So, maybe Faulkner, literary giant that he was, erred in his opinion of “was.” It does exist, if only in our psyches. Shrinks make a living off the idea that nothing we ever experience is lost. We may not be able to call up any memory we want to voluntarily, but involuntary remembrances may be proof that everything is recorded. I have read books on life-after-death experiences of those who have expired and somehow revived. One constant feature of the reports is that the lives of the newly dead are reviewed—they see their entire experience on earth in a flash, non-sequentially, durationally. As suspect as many of these accounts are, they do give some credence to the fact that “was” exists. Sorry, William Faulkner, I still like you.

Monday, October 15, 2018


The wise old man came for Sunday lunch at the Tavern. He is as thin as a wafer but eats like a Sumo wrestler. He exploited the buffet with gusto. “You must have been hungry,” I observed. “I noticed that myself,” he replied with a chuckle. After lunch, we rocked on the front porch and talked about a great range and mixture of topics.

My mountain bicycle stays on the porch and he wanted to know all about it, from the disc brakes to the 21-speed derailleurs. He said he judged it to be a well-balanced machine that required good balance from a rider. “Have you ever wrecked it,” he wanted to know. “Just one time, at a dead standstill,” I replied. “I had stopped at the bottom of the great hill that rises from Pioneer Cemetery when I attempted to mount the vehicle against gravity and gravity won.” We laughed about that a good while until he lit on the topic of balance.

“You know, Dan, Horace, the first Century rhetorician believed in balance in speaking and writing. The old Roman wrote that all artful communication must be dulcet et utile, meaning sweet and useful; we would say entertaining and enlightening. And, those two elements, Horace wrote, must be kept in balance. If the scale tips too far in the direction of entertainment, the communication seems trivial and inconsequential. On the other hand, if the communication works too hard at enlightenment, it gets boring and loses the audience’s attention. So, balance makes the writing or speaking both fun and pithy.”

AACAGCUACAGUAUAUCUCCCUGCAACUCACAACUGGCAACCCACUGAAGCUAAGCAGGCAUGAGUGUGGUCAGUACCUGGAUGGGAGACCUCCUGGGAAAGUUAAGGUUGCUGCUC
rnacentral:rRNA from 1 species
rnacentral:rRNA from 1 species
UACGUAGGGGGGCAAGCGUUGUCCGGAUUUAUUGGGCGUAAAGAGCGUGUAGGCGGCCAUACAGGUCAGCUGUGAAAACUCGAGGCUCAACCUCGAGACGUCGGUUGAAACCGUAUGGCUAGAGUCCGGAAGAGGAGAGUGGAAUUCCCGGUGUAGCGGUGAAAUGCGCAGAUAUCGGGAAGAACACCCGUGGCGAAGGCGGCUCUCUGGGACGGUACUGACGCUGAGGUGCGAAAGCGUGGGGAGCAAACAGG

The wise old man gratefully received the hot tea my wife brought out. Providing crocheted lap robes because of the dropping temperature, she joined us on the porch. She said, “What was that about balance?” The wise old man said, “You know, Mrs. Ford, I work on a donkey and goat ranch near Ruston and I have a couple of gelding donkeys I plow with down there. Their names are Check and Balance. Check is the absent-minded one, not always knowing and obeying gee, haw, whoa and back up. Balance, however, is obedient, but not as strong and hardy as Check. Between the two of them, we get the job done, though it sometimes takes considerable negotiation.”

“Makes me proud to be an American,” my wife joked. The wise old man laughed so heartily that he jostled his tea. Then he said, “Thank God for checks and balances in our government. Lady Justice requires it. You know, that statue, in ancient iterations, had a sword in the hand not occupied with the fulcrum and scales. It was pointed down to the Ten Commandments, the very place our formalized sense of justice comes from. Though Justice is blind, she is poised to protect the law. That is balance in itself: peace is the goal, but justice must be protected.

“Wow,” my wife said, “you are always a welcome visitor. How did you get here today?” I rode the train and took a taxi. I’ve been down in Denton with my girlfriend. I lead a balanced life, and she keeps me in check.”

Monday, October 1, 2018

Home Again

The premise of Thomas Wolfe’s great novel, You Can’t Go Home Again, is that we change to such a degree when we are away from home for any length of time that home seems different when we go back there. Also, people who have stayed at home change, too, so, those visions in our absence of home as utopia are shattered upon our return.

Robert Frost’s narrative poem, “Death of the Hired Man,” reiterates the friction brought about by change, both in those who wander and in those who stay at home. Silas, the hired man, comes back ostensibly to help with haying, but Warren, the farm owner, and his wife, Mary, sense that he has come back to die. Quite cynically, Warren defines home as the place where when you have to go there, they have to take you in. Mary, however, says that home is something granted that you don’t deserve. Silas prevails and has his way in the midst of all the changing circumstances. It is as if Frost believes that no one deserves the blessings of home, but everyone’s longing for home should be honored.

My own longing for home was intense during my three-year tour of duty in Germany. When I finally got home, though, I realized that everything had changed, both in my folks and in me: Mother and Pop seemed to have grown and changed as much as I had, and I quickly realized that we had grown in different directions altogether.